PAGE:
High Speed 2, known as HS2, could cost as much as £80bn when it is completed (Reuters)
High Speed 2, the government-backed rail project that would slash the journey time between London and Birmingham by 35 minutes, has been dismissed as a "grand folly" by a leading business lobby group.
The Institute of Directors (IoD) said a survey of 1,323 of its members showed that just 27% thought HS2 would bring value for money, while 40% said it would be important to their firms - a fall of 14% on a previous poll.
Government estimates put the project's total cost at £42.6bn, but one projection by the Institute of Economic Affairs (IEA), a thinktank, predicts the bill will hit £80bn.
"Businesses up and down the country know value for money when they see it, and our research shows that they don't see it in the government's case for HS2," said Simon Walker, director general of the IoD.
"Overall there appears to be little enthusiasm amongst IoD members, not even in the regions where the benefits are supposed to be strongest.
"We agree with the need for key infrastructure spending, but the business case for HS2 simply is not there. It is time for the government to look at a thousand smaller projects instead of falling for one grand folly."
On the proposed HS2 network, trains would be able to hit speeds of up to 250mph. According to the HS2 website, this would cut journey times from London to Birmingham from 84minutes to 49. It would also cut the journey time from the capital to York from 113 to 83 minutes, to Liverpool from 128 to 96 minutes, and to Edinburgh from 263 to 218 minutes.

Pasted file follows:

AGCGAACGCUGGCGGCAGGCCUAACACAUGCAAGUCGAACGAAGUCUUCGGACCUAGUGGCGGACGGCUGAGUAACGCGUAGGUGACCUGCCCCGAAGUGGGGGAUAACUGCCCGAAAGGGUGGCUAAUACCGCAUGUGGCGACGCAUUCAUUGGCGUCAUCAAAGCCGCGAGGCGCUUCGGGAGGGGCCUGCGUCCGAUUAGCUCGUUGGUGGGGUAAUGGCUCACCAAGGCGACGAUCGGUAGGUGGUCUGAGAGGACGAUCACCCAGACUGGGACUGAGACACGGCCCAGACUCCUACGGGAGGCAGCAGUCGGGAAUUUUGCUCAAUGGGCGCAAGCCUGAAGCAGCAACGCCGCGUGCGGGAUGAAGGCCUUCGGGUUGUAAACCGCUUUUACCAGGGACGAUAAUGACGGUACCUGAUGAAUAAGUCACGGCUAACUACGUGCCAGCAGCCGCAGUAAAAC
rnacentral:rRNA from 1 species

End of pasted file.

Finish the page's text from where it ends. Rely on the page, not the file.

Work on the London-Birmingham link will not be complete until 2026 on the current timetable.
The government claims that there are significant economic benefits to be reaped by speeding up the links between major UK cities, but critics say the cuts to journey times are not enough and the travel cost of using the network will be too high.
Alison Munro, chief executive of HS2, insisted that the project was the only way to alleviate the pressure of more passengers using the country's full rail network.
"There are after all only so many trains you can fit into a section of track and the East Coast and West Coast main lines are virtually full already," Munro told Reuters.
"There is no other alternative that delivers the benefits of HS2."
As well as question marks over the funding and economic benefits of HS2, the government is also facing criticism from local communities who would have the rail network run through or nearby them.
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